Fox attempting to break new ground with risky reality TV experiment 'Utopia'



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SANTA CLARITA, California — It appears as if anything might be possible in "Utopia."

Whether the masterminds behind the new Fox unscripted society-building series are ensuring participants can legally hunt, readying for wildfires or accounting for a cast member's impending pregnancy, they've seemingly prepared for every possible situation at the rural compound where "Utopia" is being filmed. Except for one: What if nobody watches?

That's not a scenario the creators of this human ant farm even want to consider.

"Realistically, I don't know," conceded executive producer Conrad Green in his trailer office across from the "Utopia" set a few days before the participants — or "pioneers," as they're called — moved onto a made-over Santa Clarita, California, movie ranch. "The hope, of course, is that it will be a huge success and go on for much more than a year."

Based on a Dutch format, the U.S. version of "Utopia" is billed as a 365-day-long social experiment where 15 folks have been selected to live and work together on a bare-bones plot of land while being filmed by 130 cameras. Unlike similar reality TV trials like "Survivor" and "Big Brother," there's no host, competition or prize. There aren't even humans carrying around cameras.

The action is captured entirely by remote-controlled gizmos positioned in trees, on rocks and throughout the only pair of buildings on the "Utopia" site: a small stable stocked with a chicken coop and two dairy cows, and a large open-air barn where the cast can find shade and sleep. The footage will be overseen, edited and streamed from a complex of trailers steps away from the set.

Green said the producers cast Utopians with contrasting personalities in hopes that the ambitious show wouldn't simply result in a televised "hippy commune." The pioneers include a belly dancer, Southern pastor and a pregnant woman due in December. The series will feature a monthly elimination that will keep the cast changing throughout the life of "Utopia."

"My biggest fear is that it's boring," said Green. "The reason unscripted shows are heavily formatted is because that provides reliable, relentless moments of drama... We have to use the intimacy and purity of the observation we've established to make it interesting in and of itself."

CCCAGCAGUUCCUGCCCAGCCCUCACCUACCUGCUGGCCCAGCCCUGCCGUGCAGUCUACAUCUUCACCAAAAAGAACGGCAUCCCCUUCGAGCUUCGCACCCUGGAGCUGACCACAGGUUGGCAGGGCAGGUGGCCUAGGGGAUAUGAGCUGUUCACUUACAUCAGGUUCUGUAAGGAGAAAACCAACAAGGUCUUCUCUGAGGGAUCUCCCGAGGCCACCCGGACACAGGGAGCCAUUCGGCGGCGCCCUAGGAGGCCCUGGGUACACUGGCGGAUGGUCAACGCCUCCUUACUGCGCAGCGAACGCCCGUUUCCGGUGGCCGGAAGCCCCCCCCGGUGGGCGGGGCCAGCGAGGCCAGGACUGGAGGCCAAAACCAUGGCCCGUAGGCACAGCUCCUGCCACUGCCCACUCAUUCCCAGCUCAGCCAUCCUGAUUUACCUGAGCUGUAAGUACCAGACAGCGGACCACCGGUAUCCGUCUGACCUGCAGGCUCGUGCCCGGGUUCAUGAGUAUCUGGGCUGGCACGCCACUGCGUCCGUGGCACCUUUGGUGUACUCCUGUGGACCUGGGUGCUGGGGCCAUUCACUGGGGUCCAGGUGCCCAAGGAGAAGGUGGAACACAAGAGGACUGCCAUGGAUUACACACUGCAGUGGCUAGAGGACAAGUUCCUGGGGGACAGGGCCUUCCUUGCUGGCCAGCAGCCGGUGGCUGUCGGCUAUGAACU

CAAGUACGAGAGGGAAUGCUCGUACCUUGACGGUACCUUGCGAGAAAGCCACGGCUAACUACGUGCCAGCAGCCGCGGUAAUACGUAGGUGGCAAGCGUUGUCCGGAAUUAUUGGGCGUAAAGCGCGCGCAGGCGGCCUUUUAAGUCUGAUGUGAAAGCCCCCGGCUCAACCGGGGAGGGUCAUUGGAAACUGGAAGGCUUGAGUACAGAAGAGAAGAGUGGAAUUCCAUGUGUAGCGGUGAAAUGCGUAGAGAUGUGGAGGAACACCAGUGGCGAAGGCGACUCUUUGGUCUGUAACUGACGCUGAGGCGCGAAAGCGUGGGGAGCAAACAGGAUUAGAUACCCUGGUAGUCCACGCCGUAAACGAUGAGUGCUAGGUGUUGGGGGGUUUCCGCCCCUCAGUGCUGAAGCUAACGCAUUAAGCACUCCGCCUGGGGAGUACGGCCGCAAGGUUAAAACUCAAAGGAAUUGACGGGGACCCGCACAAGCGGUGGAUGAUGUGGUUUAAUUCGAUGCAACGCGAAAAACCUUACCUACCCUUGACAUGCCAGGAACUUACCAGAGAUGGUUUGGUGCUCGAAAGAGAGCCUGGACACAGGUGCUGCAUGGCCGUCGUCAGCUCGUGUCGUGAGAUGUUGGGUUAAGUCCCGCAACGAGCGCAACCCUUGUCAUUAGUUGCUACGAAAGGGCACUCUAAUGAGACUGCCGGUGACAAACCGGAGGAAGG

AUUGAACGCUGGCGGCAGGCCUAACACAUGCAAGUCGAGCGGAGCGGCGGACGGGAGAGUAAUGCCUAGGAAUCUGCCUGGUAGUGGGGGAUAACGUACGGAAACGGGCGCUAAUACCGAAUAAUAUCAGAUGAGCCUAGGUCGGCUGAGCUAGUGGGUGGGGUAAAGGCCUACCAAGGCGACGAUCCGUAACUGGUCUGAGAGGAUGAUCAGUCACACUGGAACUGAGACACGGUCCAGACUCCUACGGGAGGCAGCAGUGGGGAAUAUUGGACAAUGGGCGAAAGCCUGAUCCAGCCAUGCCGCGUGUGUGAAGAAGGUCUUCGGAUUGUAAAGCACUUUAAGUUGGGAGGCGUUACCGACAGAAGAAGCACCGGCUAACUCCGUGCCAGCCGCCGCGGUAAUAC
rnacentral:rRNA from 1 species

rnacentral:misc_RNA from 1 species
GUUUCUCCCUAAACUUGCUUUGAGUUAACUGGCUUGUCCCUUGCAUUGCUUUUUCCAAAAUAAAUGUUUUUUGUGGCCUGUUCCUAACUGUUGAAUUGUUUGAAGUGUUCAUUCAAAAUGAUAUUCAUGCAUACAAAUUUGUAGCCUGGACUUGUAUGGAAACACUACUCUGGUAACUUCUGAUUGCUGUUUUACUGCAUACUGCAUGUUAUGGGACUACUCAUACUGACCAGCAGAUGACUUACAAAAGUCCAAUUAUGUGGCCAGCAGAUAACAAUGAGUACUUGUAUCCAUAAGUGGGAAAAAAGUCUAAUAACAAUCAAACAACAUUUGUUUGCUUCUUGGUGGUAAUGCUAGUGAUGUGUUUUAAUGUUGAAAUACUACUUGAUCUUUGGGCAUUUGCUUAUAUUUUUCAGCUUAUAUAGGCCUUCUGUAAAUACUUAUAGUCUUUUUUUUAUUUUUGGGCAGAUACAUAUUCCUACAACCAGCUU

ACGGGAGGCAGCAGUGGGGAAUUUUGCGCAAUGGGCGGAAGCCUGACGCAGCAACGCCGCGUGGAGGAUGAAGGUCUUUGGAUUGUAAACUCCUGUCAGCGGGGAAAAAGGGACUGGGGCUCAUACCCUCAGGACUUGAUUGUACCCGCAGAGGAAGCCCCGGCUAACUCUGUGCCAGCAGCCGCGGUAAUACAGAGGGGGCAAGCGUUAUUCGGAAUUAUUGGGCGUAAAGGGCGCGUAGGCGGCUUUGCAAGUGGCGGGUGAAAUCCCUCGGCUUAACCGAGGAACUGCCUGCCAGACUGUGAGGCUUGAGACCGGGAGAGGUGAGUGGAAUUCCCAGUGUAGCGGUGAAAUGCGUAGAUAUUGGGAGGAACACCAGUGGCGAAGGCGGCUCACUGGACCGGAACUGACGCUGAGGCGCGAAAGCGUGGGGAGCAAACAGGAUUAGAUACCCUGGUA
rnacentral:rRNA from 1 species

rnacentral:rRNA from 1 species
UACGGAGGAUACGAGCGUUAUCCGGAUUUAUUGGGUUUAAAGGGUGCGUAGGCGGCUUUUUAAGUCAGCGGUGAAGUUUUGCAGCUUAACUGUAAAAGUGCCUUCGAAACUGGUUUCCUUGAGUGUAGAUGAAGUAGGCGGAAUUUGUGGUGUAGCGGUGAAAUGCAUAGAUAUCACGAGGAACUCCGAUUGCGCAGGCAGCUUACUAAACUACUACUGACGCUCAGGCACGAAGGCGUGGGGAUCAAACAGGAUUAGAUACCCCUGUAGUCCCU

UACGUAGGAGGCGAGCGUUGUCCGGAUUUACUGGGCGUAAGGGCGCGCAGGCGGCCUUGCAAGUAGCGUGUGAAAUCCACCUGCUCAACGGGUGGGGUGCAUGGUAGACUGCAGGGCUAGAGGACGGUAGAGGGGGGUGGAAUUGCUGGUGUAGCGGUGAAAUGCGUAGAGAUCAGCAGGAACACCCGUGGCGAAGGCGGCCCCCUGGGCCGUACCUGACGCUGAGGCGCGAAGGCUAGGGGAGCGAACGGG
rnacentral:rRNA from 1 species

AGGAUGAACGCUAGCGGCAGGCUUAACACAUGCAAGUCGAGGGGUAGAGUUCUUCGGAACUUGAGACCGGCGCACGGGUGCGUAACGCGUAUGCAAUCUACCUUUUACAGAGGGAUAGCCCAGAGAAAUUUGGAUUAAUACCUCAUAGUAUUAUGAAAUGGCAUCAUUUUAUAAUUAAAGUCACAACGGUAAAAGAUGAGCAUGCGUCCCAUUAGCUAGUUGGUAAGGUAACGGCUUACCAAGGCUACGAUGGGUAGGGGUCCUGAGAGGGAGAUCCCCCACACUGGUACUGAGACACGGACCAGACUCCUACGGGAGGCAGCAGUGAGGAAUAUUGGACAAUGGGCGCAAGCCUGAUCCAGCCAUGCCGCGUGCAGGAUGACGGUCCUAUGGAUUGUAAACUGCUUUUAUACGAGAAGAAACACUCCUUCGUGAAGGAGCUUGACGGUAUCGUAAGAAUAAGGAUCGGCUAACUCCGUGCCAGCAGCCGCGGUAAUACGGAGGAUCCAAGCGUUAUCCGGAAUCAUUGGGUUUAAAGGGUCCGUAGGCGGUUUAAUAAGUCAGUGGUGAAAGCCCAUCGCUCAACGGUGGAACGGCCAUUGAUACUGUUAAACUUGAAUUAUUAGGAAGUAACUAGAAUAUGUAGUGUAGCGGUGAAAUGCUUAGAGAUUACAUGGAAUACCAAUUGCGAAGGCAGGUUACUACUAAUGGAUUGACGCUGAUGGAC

"Utopia," which debuts Sunday before airing each Tuesday and Friday, marks an audacious gambit for Fox. The network has seen ratings for aging talent contests like "American Idol" and "So You Think You Can Dance" slide in recent years. Simon Andreae, the new head of alternative entertainment at the network, isn't afraid of taking a chance on "The Truman Show"-like series.

"I think we live in a go-big-or-go-home world now, where if you don't take risks, if you go for safe shows, you don't get many big wins, as we've seen in the last year or so of unscripted TV," said Andreae. "That said, I don't think it's just any old big risk. It's a measured risk."

Despite lofty aspirations, "Utopia" won't be boundless. The cast must abide by real-world laws, and they've agreed not to leave the compound unless there's an emergency or they want off the show. While fences surround the "Utopia" camp, producers are planning for future visits from pioneers' friends and families, as well as appointments if they choose to do business with the outside world.

The unique series marks not just a creative risk for Fox but also a financial gamble. The network reportedly spent $50 million to construct the "Utopia" site, which also features a small man-made lake stocked with 400 fish, a phony water tower that actually holds a light used to illuminate the compound at night and access for the cast to electricity and plumbing.

"It has been an expensive undertaking, but it's the reverse of most shows," noted Andreae. "Usually, shows become more expensive the more episodes and seasons are produced. This show was expensive to build out in the first place, but the longer it goes on, the less expensive it becomes."

The cast, who receive a stipend for their participation, started out with minimal provisions hidden amid the "Utopia" playground, including a safe stuffed with $5,000 that can be used to order additional supplies or establish a business using the group's lone mobile phone. (It's not permitted for personal communication.)

"Utopia" has already been home to plenty of drama, judging from the show's live streams, which went online last week and cost $4.99 for uninterrupted access: one cast member was removed before filming began for violating the show's confidentiality agreement, another was treated at a hospital for dehydration before returning; and several have threatened to leave over clashes involving food, alcohol and religion.

Welcome to "Utopia."


Online:

http://www.utopiatv.com


Follow AP Entertainment Writer Derrik J. Lang on Twitter at http://www.twitter.com/derrikjlang.

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